Winter certainly gripped the reserve throughout January. The month was plagued with dense fog, ice and cold temperatures. The storm surge mid-month made things even more exciting.
January had some great sunrises.
The last goose count of the winter yielded 23,500 Pink-feet but they quickly departed throughout the month to start their long migration back to their breeding grounds. Brent’s have continued to remain on site in great numbers especially on Overy Marsh. We even had a lonely Pale-Bellied Brent seen at Holkham. Strangely a Goosander was seen sheltering in Wells channel, an unusual sighting in this part of the world.
Goose counts at first light.
January has also been a great month for a host of other wildfowl including almost 14,000 Wigeon, 1,000 Teal and 133 Shoveler. Lady Anne’s Drive was an excellent (and convenient) spot to watch them from.
A lovely looking drake Teal
The strong winds made for an excellent sea watching opportunity. The 32 Shore Larks and 35 Snow Buntings were popular with birders but after the storm surge Slavonian Grebe, Short Eared Owl and even a Red Neck Grebe were reported in Holkham Gap (through neither of the wardens were able to see them). Flocks of around 800 Scoter as well as Velvet Scoter were seen from the beach.
The Shore Larks were flighty fellows
A Turnstone feeding an Slip Limpet.
This winter has been a great time to see Glaucous Gulls and Holkham has been no different as they scavenge off dead seals. An Icelandic gull was also reported at Wells.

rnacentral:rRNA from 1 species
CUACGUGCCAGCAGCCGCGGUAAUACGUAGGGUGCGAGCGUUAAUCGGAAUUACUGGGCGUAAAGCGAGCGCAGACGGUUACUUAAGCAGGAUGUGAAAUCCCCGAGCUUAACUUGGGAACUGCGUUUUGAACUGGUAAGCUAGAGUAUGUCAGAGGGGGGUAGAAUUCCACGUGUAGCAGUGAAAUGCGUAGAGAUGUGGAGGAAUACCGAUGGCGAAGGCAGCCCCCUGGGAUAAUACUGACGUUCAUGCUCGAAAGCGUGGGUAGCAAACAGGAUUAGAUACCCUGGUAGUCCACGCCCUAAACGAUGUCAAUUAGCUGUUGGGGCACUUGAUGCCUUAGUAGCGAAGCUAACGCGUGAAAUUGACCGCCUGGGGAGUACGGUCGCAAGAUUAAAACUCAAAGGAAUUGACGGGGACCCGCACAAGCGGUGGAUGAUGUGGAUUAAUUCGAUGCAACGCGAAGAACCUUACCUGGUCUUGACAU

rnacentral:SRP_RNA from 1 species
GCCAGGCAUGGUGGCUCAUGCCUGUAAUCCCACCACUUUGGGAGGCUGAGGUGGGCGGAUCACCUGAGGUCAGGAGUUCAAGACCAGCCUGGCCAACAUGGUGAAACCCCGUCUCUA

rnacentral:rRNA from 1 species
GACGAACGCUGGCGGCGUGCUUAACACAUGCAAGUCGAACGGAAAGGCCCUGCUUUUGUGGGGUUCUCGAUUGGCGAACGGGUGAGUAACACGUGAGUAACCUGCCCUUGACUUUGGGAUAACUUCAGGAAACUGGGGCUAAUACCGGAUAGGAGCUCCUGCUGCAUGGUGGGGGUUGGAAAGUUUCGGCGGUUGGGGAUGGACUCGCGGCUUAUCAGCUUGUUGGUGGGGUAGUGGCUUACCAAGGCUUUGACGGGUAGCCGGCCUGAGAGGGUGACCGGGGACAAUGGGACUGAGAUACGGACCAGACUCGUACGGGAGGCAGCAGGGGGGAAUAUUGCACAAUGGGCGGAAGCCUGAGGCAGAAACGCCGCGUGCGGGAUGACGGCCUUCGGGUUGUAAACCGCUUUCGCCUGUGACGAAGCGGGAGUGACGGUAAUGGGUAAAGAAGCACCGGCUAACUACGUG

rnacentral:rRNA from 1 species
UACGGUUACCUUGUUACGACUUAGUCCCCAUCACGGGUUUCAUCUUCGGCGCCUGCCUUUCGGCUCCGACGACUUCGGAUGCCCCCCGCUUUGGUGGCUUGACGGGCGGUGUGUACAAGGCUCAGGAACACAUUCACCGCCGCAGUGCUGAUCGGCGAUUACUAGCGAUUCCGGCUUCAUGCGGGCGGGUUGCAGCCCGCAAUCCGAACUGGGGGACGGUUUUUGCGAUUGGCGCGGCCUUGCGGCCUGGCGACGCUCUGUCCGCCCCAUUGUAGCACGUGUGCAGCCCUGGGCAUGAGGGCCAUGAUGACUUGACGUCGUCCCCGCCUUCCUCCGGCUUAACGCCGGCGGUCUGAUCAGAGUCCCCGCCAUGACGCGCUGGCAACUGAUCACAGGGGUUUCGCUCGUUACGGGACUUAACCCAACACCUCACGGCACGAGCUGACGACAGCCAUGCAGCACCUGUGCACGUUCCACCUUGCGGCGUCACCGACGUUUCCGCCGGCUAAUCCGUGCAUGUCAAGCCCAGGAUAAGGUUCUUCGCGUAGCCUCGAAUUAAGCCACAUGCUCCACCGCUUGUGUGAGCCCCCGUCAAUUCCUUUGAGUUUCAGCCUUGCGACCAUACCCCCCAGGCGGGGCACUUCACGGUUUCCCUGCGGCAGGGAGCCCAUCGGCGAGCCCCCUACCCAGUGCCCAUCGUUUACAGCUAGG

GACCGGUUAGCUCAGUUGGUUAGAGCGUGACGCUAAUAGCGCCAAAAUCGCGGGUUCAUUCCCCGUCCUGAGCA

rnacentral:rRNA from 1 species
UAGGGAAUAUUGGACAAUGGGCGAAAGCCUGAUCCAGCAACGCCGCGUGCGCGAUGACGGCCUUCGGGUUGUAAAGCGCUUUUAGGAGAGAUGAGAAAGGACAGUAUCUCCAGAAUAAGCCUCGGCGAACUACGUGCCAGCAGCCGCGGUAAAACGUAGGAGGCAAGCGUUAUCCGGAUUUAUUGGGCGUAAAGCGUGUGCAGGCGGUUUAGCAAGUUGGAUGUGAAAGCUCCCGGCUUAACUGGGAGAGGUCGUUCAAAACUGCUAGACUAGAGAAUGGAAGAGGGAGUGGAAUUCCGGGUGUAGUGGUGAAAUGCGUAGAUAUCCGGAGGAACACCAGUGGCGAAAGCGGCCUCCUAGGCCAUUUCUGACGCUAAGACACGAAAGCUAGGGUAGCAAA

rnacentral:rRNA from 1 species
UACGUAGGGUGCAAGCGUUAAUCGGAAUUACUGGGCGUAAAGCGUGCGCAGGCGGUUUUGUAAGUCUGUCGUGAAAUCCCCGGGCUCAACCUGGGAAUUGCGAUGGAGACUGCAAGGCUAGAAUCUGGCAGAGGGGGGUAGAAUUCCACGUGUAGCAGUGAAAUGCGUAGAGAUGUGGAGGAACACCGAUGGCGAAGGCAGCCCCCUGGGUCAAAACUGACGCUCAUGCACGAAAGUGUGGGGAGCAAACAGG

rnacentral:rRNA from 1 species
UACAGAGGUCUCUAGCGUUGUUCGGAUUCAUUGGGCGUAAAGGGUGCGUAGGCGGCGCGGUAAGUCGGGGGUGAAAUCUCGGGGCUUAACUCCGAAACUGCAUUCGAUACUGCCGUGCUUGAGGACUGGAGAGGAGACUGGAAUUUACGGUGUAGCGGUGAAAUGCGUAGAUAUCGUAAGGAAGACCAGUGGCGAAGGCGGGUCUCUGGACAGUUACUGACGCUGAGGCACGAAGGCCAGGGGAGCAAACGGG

The only photo of a Glaucous Gulls I got!
Hunting Peregrines made a spectacular nuisance of themselves during the WeBS counts but it was during our post storm surge litter pick at Warham that we saw a juvenile hunting Redshanks over the Marsh. Marsh Harriers and Buzzards were also regularly seen but Red Kites remained strangely absent.
A Redshank at Warham
There were plenty of passerines around with a good number of Stonechats and at least three Rock Pipits at Overy Bank. There was a notable influx of Song Thrushes, Blackbirds and Waxwings. Also notable today was the reappearance of Skylarks which seem to have been totally absent recently. While emptying dog poo bins in the morning I often saw Kingfishers, a Barn Owl and Pink-feet which is a bonus when doing this unpleasant but necessary job! Finally, 20 Yellow Hammers feeding in the hedgerows rounded the month off nicely.
Also a notable sighting was my first view of a Holkham Otter! I watched it swim through Wells channel while I was eating fish and chips on the Quay!